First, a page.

running voice data/encryption on compal?
wesley.tanner at gmail.com
Sat Jan 15 00:15:16 UTC 2011
This particular problem domain is why I originally became interested in this
project. In fact I just bought a couple C118s and now have them running the
current build as of yesterday.
There has been additional work done in the academic world on
"data-over-voice" the last few years, mainly out of Chinese and Iranian
universities. Some of them claim reliable data rates of 2000 bps or higher
(not including error correction), which is good enough for low data rate
vocoders (e.g. speex). A search on IEEE comes up with a bunch of papers, and
some have fairly detailed design data. Most are optimized for EFR, and some
for AMR. Some claim to be computationally efficient enough for
implementation on modern smart phones.
So far, the modems have been implemented at the audio interface of the
handset, not the raw OTA compressed voice frames. I believe a project such
as this will make it possible to improve these modems by being able to
directly control the content of the traffic frames. At the very least, I
think it will aid in synchronization issues between the end points, and
easier handling of VAD/DTX/CNG.
The problem is made very difficult because of transcoding done within the
network. And, depending on the call, there may be different transcode
operations between end points (or maybe none at all?). Also, the voice frame
parameters are not all protected equally from channel errors. My hope was to
actually start characterizing network transcode behaviors, since I have not
yet found any real data on this. It is possible to do this without access to
the traffic frames, but it makes for more complex test cases.
At any rate it is an interesting problem.
On Fri, Jan 14, 2011 at 2:50 PM, Fabio Pietrosanti (naif) <
lists at infosecurity.ch> wrote:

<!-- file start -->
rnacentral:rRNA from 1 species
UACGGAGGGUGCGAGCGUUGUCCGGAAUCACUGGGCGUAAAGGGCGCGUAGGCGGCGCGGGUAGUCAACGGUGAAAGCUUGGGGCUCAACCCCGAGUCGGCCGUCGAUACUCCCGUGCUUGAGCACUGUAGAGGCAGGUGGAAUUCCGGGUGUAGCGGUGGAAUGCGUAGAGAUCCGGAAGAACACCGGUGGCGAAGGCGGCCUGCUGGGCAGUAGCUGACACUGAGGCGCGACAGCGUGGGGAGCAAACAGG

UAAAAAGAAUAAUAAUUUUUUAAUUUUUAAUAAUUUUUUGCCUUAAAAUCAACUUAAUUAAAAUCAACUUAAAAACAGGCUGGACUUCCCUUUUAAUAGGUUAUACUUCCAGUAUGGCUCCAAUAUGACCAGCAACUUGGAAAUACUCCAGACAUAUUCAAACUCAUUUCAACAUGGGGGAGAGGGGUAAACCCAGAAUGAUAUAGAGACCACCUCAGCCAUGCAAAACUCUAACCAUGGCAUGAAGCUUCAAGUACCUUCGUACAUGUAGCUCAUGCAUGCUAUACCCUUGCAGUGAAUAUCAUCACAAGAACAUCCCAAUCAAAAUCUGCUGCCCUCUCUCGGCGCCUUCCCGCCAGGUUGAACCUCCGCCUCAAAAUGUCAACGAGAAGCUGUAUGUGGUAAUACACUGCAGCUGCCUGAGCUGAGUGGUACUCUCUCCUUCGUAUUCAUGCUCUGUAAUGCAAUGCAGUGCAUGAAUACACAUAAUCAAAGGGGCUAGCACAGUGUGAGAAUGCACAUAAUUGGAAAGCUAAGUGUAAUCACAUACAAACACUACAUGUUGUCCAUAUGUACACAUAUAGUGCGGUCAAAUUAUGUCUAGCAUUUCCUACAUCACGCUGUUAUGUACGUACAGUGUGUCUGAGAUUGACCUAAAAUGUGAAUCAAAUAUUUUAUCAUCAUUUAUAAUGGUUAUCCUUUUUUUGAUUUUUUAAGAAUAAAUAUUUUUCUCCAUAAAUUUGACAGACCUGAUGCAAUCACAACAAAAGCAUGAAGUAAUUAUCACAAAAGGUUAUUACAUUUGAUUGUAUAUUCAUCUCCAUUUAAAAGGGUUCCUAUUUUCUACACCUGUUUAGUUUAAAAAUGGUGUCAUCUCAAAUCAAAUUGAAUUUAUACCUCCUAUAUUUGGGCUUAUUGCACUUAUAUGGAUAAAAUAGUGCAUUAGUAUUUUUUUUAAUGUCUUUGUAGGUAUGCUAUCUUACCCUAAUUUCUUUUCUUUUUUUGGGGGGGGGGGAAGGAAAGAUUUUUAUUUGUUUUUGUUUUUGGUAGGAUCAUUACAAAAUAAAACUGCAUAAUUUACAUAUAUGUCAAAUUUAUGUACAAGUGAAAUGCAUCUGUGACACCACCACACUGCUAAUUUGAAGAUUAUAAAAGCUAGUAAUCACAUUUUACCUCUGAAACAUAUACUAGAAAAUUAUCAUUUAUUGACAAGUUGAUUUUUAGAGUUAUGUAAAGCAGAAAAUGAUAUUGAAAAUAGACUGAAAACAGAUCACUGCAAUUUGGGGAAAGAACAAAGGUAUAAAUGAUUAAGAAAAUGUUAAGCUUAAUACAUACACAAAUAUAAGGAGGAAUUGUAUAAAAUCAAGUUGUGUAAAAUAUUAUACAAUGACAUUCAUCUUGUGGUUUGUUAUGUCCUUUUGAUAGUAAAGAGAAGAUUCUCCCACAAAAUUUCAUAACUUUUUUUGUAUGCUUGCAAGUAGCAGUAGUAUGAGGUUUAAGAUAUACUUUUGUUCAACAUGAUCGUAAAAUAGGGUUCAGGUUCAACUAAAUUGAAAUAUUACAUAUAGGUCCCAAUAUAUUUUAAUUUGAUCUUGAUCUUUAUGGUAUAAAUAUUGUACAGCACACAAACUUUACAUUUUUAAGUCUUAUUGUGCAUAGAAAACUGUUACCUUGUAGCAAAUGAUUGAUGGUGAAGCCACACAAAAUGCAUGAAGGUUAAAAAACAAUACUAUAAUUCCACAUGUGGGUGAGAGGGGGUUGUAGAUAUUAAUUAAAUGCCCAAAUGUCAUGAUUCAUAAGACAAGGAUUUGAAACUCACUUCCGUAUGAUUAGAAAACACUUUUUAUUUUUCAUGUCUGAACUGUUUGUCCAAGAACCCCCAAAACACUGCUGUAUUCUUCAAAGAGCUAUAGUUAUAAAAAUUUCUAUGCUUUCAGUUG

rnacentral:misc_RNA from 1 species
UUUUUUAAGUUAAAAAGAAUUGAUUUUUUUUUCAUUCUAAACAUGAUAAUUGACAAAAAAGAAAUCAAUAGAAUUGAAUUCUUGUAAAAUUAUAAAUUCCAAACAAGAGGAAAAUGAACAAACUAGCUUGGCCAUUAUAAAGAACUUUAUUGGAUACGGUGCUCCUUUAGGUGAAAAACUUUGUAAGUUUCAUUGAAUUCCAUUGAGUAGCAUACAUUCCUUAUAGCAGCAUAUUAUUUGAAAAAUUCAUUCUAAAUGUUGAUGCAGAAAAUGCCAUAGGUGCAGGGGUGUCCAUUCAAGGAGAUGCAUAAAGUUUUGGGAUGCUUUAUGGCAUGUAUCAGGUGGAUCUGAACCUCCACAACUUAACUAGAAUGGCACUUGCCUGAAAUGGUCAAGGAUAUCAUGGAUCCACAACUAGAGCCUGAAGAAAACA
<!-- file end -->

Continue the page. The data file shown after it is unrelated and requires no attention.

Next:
> On 14/01/11 21.29, Harald Welte wrote:
> > Aaron,
> > the usual problems with end-to-end encryption in GSM come into play:
> > * as the voice path is not transparent but transcoded any number of times
> > in the core network, you cannot simply encrypt the codec frames but
> > have to initiate a CSD ('modem') connection.
> Enciphering directly the GSM/AMR codec payload at GSM it's still a cool
> hackish idea!
> Regarding transcoding it's also to be considered that within the same
> operator or at GSM inter-working national level it's much more difficult
> that transcoding it's done in the voice path.
> Mobile operators tends to avoid transcoding whether possible to reduce
> the infrastructural costs associated with media gateway equipments and
> directly interconnected mobile operators probably doesn't do much
> I asked you a similar question at ph-neutral a couple of years ago and i
> remember that there's also an issue related not being able, due to
> hardware design of baseband, to control the path between the
> encoder/decoder and the transmitter.
> So no "hands on" the audio encoded/decoded payload that will get sent to
> the network, right?
> > * not many networks support it anymore
> > * calling rates are more expensive
> > * you immediately leave a visible trail, since nobody else uses CSD
> > And no, neither is the ARM7 fast enough for any crypto, nor do we
> > CSD at all.
> We all would really like to see incredibly efficient DoV (Data over
> Voice) modem technologies reaching at least stable 800bit/s to be able
> to run a 600bit/s audio codec along with some encryption on top of it.
> For military stuff there's a UK university that made a patent for a
> 1200bit/s DoV with error correction and 0.03% BER over GSM-to-GSM calls
> with GSM codec (13kbit/s).
> Some other DoV has been done to develop emergency services such as
> in-band transmission of information between emergergy services and law
> enforcement operators for european esafety project
> (www.esafetysupport.org) standardizing in-band modem over GSM and AMR as
> 3GPP TS 26.267 but that uber-patented technology are not designed to
> handle realtime transport bust just signaling of messages.
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